Hong Kong's vote for confusion

The weekend's election results confirm the colony's political volatility, says Raymond Whitaker
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The Independent Online
If the world requires a monument to homo economicus, one has only to look around in Hong Kong. The power of money has thrown up the skyscrapers on Hong Kong island, dominated by IM Pei's exercise in origami for the Bank of China; it has changed the shape of the harbour, where land reclamation is narrowing the channel and making the water more choppy for the passenger boats that zip in every direction, carrying 20 million commuters a year. In the distance it has planted the massive towers of the Lantau suspension bridge to carry passengers to and from the new airport, for which an artificial island has been created.

In less than 22 months, when the whole lot is handed over to China, the wealth of the world's eighth largest trading economy will be Britain's justification for a century and a half of colonial rule. Whether this is enough, whether its 6 million subjects here want something more than the opportunity to make money, is a question no one wanted to ask until it was too late.

Sunday's Legislative Council election was the last and best chance for the people of Hong Kong to say what they thought, both of their past and their future. The poll was the culmination of three years of bitter conflict between China and the Governor, Chris Patten, over his attempts to leave behind a more democratic Hong Kong. Yet fewer than a million of the 2.5 million registered voters turned out. Whether those who stayed away did so because Mr Patten and his officials were not up for election, or because China repeated on election day that it will replace the entire legislature in 1997, the Governor will miss their support during the difficult transition to Chinese rule.

In the 651 days left, Hong Kong faces the greatest period of uncertainty in its history. Up to half a dozen centres of power will be competing for control of the territory and its riches, and Mr Patten will need all his political magic to escape a messy withdrawal from Britain's last major colony. Whether or not that happens, however, depends mainly on Peking.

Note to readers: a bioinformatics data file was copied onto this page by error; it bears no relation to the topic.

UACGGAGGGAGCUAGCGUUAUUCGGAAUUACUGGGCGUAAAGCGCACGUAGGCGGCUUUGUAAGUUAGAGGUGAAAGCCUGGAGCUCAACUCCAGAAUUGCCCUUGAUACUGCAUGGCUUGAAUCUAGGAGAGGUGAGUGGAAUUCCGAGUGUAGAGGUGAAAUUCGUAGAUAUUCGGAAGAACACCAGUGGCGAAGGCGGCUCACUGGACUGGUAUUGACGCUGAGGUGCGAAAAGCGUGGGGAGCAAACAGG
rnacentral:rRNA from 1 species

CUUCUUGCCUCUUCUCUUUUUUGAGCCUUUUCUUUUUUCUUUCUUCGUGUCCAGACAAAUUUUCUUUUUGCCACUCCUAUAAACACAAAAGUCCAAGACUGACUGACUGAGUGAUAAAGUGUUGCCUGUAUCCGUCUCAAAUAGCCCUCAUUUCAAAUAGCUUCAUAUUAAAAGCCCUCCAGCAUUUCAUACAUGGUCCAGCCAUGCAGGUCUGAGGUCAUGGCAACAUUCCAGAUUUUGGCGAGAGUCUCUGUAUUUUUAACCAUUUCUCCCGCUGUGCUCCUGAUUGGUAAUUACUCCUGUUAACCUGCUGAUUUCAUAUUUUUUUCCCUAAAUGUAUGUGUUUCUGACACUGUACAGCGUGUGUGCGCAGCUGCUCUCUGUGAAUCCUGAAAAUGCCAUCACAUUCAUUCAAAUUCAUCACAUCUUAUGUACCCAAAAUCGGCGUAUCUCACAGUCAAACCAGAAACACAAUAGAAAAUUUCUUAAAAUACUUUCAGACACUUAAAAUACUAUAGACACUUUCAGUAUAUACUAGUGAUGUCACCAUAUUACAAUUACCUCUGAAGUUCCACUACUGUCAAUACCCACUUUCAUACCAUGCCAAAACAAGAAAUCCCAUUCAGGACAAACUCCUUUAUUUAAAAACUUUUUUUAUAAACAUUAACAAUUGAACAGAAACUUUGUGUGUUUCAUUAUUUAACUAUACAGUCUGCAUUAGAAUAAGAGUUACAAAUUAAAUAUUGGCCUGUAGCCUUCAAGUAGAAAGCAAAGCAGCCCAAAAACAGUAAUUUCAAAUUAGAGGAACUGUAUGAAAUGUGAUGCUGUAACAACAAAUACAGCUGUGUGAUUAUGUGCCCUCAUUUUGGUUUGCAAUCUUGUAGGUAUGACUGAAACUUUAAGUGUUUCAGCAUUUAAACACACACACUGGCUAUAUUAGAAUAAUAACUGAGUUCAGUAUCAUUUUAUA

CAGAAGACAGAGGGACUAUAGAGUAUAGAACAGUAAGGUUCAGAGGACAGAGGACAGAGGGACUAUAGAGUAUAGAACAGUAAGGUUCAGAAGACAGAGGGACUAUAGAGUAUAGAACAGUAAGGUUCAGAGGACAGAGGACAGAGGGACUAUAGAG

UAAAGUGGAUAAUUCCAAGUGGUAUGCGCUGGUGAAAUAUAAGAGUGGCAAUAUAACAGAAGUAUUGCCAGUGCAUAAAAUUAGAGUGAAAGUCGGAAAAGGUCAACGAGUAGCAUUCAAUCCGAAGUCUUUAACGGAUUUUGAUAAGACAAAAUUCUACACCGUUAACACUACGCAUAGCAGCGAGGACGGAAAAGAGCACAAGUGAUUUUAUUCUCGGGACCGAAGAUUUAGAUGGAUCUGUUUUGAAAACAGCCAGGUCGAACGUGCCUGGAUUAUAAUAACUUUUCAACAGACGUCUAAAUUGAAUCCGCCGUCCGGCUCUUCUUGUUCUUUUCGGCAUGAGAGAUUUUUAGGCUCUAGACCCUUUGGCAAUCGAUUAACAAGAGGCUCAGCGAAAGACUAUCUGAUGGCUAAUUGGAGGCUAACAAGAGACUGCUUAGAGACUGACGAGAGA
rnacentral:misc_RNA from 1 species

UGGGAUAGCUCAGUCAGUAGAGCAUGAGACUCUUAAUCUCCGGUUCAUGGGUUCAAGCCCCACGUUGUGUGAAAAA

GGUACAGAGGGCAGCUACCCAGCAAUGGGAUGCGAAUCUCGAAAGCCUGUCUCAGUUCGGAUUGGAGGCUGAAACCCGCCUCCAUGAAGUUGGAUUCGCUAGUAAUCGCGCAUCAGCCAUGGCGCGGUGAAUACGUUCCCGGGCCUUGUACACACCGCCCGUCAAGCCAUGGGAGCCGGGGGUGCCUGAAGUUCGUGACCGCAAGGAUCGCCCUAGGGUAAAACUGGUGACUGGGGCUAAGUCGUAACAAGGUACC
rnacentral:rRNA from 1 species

When China signed the Joint Declaration with Britain in 1984 on Hong Kong's future, it thought it knew what it was getting - a politically docile territory with the necessary economic skills to complement China's own newly hatched reforms. For the British it seemed an honourable bargain. Independence for Hong Kong was never a possibility, and China appeared to be going the right way. Not only would economic development dilute the ideology and loosen the Communist Party's grip, but Peking had agreed to run the territory according to the concept of "one country, two systems".

The Peking massacre of June 1989 destroyed every one of those assumptions, on both sides. "It made China paranoid about security and obsessed with sovereignty," in the words of one senior British official - an attitude reflected in its plans for Hong Kong. Even if Britain had been prepared to put up with constant humiliation in the interests of a smooth transition, it seemed that Hong Kong's people, who staged the largest demonstrations in the colony's history after Tiananmen, were not prepared to go quietly in 1997.

Mr Patten's attempt to strengthen democracy in Hong Kong without risking a complete breakdown with China forced him to cobble together an electoral system that is virtually impossible to explain, and which upset China's political opponents in the colony, led by Martin Lee's Democratic Party, as much as Peking. Last weekend the administration was left in the curious position of wanting an election result that would demonstrate Hong Kong's support for democracy, but not to the extent of giving Mr Lee and his allies a majority in the Legislative Council which they could use to take on China. A senior official added bluntly: "I think it would be a good thing if the pro-Chinese forces were not slaughtered." If the legislature was unruly, it would "guarantee that the Chinese will knock the house down and start again".